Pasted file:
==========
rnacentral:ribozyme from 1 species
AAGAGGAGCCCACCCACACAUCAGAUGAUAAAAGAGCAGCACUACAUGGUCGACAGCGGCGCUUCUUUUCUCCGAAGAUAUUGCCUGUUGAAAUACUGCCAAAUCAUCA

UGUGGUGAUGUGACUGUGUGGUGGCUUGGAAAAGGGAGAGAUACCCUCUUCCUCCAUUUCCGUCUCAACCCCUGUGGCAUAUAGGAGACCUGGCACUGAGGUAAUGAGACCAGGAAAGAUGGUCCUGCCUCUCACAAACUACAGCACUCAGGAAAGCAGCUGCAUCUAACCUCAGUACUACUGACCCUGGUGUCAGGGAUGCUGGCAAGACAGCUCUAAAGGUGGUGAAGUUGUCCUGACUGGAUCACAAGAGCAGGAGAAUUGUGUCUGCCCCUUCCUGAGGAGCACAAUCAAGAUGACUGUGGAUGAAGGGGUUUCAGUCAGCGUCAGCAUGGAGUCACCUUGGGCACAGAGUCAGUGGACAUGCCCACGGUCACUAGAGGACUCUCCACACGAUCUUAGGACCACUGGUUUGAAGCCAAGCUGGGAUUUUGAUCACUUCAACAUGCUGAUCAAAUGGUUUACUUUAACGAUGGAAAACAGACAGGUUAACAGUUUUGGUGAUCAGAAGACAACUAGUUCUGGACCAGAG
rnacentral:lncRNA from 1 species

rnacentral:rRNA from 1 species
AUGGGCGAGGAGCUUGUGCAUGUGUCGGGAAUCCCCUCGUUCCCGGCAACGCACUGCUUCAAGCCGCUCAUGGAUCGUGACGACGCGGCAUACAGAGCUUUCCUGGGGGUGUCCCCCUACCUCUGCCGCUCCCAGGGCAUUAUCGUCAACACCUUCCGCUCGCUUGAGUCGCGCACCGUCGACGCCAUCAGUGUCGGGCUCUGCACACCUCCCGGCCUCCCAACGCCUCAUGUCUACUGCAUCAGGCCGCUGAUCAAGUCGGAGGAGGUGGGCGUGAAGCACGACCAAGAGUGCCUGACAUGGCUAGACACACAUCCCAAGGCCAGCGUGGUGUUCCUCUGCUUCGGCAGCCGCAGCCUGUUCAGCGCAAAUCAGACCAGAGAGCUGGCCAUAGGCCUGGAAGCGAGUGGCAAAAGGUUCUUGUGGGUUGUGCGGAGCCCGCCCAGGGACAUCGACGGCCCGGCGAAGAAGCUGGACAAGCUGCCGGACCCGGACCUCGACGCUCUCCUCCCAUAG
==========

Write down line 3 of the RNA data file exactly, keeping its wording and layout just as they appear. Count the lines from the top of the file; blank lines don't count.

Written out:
UGUGGUGAUGUGACUGUGUGGUGGCUUGGAAAAGGGAGAGAUACCCUCUUCCUCCAUUUCCGUCUCAACCCCUGUGGCAUAUAGGAGACCUGGCACUGAGGUAAUGAGACCAGGAAAGAUGGUCCUGCCUCUCACAAACUACAGCACUCAGGAAAGCAGCUGCAUCUAACCUCAGUACUACUGACCCUGGUGUCAGGGAUGCUGGCAAGACAGCUCUAAAGGUGGUGAAGUUGUCCUGACUGGAUCACAAGAGCAGGAGAAUUGUGUCUGCCCCUUCCUGAGGAGCACAAUCAAGAUGACUGUGGAUGAAGGGGUUUCAGUCAGCGUCAGCAUGGAGUCACCUUGGGCACAGAGUCAGUGGACAUGCCCACGGUCACUAGAGGACUCUCCACACGAUCUUAGGACCACUGGUUUGAAGCCAAGCUGGGAUUUUGAUCACUUCAACAUGCUGAUCAAAUGGUUUACUUUAACGAUGGAAAACAGACAGGUUAACAGUUUUGGUGAUCAGAAGACAACUAGUUCUGGACCAGAG